Humanitarian Relief

Committed To Providing Humanitarian Relief To Immigrants

Humanitarian relief is one of the cornerstones of our firm. For decades John W. Lawit has been involved in organizations such as the Human Rights Initiative of North Texas, the American-Arab Anti-Discrimination Committee and the American Civil Liberties Union. From locations in Irving, Texas, and Albuquerque, New Mexico, we have helped families and individuals from around the globe escape persecution and safely remain in the United States.

DACA

DACA (Deferred Action for Childhood Arrivals) is a humanitarian benefit initially announced in June of 2012 that grants temporary protection to certain immigrant youth. The benefit is issued for two years at a time, with the option to renew, and grantees are often able to apply to travel a permit to safely travel abroad and return to the United States

Those who meet the following requirements may apply for DACA for the first time:

  • Are under 31 years of age as of June 15, 2012
  • Came to the United States before their 16th birthday
  • Have continuously resided in the United States from June 15, 2007 until now
  • Entered the United States without inspection or fell out of lawful status before June 15, 2012
  • Were physically present in the United States on June 15, 2012
  • Are currently in school, have graduated from high school, have obtained a GED, or have been honorably discharged from the U.S. armed forces
  • Do not pose a threat to national security or public safety

TPS

Temporary Protected Status (TPS) is a form of humanitarian relief granted to nationals of certain countries experiencing difficult conditions, such as armed conflict or devastating humanitarian disasters. These benefits provide protection against deportation, employment authorization, and the opportunity to request a travel permit.

TPS is generally granted for 18 months at a time, and it is often renewed, and applicants must register and meet the requirements for their specific country. TPS is currently granted to some nationals of countries such as El Salvador, Sudan, Haiti, Honduras, Nicaragua, Venezuela, and Nepal, among others.

U Visas For Crime Victims

A U visa protects certain noncitizen crime victims who provide information to help investigators prosecute criminals. It allows the applicant to live and work in the U.S. and may lead to the dismissal of charges against the applicant in immigration court. U visas are granted to principal beneficiaries and qualifying family members for up to 4 years. They are authorized to work, apply for a green card, and may qualify for government benefits and services.

To qualify for a U visa, an applicant must:

  • Demonstrate “substantial physical or mental abuse” as a result of certain criminal activity that violates U.S. law or happened in the U.S. or one of its territories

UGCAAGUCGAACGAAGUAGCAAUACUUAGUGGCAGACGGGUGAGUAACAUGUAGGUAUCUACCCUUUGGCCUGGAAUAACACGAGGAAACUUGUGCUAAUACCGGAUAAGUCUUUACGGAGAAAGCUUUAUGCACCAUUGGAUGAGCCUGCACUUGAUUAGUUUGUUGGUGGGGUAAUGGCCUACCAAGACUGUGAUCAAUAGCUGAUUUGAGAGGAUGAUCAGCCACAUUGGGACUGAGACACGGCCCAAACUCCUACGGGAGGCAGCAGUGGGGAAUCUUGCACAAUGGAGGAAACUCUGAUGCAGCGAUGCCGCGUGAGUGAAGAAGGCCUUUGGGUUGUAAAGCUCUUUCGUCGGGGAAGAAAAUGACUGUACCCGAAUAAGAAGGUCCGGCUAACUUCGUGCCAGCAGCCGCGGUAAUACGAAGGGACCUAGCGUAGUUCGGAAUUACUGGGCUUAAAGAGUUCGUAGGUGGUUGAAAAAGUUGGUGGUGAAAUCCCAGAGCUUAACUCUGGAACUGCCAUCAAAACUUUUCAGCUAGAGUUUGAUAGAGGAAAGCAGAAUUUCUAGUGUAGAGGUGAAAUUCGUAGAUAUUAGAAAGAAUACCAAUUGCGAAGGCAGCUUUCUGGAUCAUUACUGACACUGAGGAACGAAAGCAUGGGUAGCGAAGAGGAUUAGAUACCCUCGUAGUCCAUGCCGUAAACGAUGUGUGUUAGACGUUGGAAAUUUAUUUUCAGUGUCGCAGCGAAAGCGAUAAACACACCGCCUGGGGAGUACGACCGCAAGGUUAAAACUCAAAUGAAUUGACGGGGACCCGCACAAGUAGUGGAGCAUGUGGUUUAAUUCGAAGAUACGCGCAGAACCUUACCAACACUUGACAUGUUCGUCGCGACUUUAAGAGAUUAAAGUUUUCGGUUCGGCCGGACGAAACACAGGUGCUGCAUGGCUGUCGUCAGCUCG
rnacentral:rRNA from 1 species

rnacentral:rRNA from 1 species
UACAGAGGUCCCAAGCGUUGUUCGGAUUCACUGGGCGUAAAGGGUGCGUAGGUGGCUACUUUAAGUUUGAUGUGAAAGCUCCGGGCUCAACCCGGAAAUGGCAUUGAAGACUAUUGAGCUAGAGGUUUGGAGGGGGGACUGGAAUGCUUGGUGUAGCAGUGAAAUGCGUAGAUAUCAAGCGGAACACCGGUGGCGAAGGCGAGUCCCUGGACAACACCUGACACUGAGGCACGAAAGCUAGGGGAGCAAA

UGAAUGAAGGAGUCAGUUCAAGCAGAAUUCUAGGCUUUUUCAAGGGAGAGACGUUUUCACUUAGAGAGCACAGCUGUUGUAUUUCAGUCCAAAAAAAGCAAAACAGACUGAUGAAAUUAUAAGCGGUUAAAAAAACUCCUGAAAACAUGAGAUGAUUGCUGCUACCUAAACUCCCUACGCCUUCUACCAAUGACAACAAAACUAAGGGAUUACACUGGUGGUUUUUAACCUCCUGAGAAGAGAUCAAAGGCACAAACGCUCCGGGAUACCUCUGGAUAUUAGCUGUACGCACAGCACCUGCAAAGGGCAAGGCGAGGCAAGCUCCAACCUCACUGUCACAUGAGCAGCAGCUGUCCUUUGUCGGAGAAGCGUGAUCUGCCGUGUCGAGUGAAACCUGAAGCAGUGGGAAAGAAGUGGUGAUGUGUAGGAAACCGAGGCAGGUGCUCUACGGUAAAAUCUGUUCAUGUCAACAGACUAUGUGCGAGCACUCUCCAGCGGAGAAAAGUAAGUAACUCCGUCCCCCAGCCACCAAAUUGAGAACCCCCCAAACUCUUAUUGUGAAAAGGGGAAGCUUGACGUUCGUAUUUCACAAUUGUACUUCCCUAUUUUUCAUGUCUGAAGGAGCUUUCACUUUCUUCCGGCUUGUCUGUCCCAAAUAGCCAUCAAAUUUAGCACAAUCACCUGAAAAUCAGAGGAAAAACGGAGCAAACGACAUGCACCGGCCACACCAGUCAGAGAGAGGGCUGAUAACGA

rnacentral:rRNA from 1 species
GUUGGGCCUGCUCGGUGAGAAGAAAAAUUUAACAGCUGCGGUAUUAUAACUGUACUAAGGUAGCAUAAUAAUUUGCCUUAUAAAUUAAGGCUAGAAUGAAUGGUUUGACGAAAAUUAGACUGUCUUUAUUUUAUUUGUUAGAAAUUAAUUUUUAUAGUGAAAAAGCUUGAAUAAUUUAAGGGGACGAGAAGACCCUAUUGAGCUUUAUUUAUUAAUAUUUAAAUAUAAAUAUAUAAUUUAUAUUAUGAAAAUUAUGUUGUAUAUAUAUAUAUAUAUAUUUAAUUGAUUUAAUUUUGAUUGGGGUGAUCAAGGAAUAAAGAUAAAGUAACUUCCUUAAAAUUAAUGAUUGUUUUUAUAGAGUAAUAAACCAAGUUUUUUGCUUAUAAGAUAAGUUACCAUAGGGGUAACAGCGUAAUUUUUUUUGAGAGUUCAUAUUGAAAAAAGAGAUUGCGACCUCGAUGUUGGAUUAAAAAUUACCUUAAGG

• Possess information about criminal activity
  • Demonstrate that they have not refused to assist or be helpful to the investigation or prosecution of criminal activity
  • Obtain a certification from the court or agency conducting the investigation
  • Qualify for admission or a waiver of inadmissibility under immigration law

T Visas For Human Trafficking Victims

The Victims of Trafficking and Violence Protection Act established the T visa as a way for victims of “severe” forms of trafficking to enter the United States. T visa holders and qualifying members of their families can stay in the U.S. for up to 4 years. They are authorized to work, apply for a green card, and may qualify for government benefits and services.

“Severe” forms of trafficking as defined by federal law include:

  • Sex trafficking: When a person is forced, coerced or deceived into committing a commercial sex act or the person pushed into performing the act is under the age of 18
  • Labor trafficking: When a person is forced, coerced or deceived into providing labor or services involuntarily or as a form of debt bondage

 Asylum

Asylum is a form of legal protection for people who have traveled to the U.S. out of fear of violence or persecution in their home country. For an individual to file for asylum, they must meet all of the qualifications for refugee status and be in the United States when they file.

Requirements for asylum in the United States:

  • Proving that you meet the U.S. immigration legal definition of refugee status — demonstrating you have suffered prosecution or have a “well-founded fear” of violence or persecution in your home country based on:
    • Race,
    • Religion,
    • Nationality,
    • Membership in a prosecuted social group, and/or
    • Political opinion
  • Your application for asylum must happen on American soil, including at any airport, seaport, or border crossing station.
  • Under most circumstances, the application must be submitted within one year from the day you arrive in the U.S.

Once asylum is granted, you have the right to live and work in the U.S. In addition, asylee status allows you to travel outside the U.S. and eventually qualify to file for permanent residence and citizenship. Asylees can also apply to bring their spouse and unmarried minor (under 21) children to the U.S.

 

Contact An Experienced Immigration Attorney

For help with humanitarian relief visas or any form of humanitarian relief, call 469-294-3179 or submit our online contact form to set up an initial consultation. Team members are fluent in Spanish, Korean and a variety of other languages.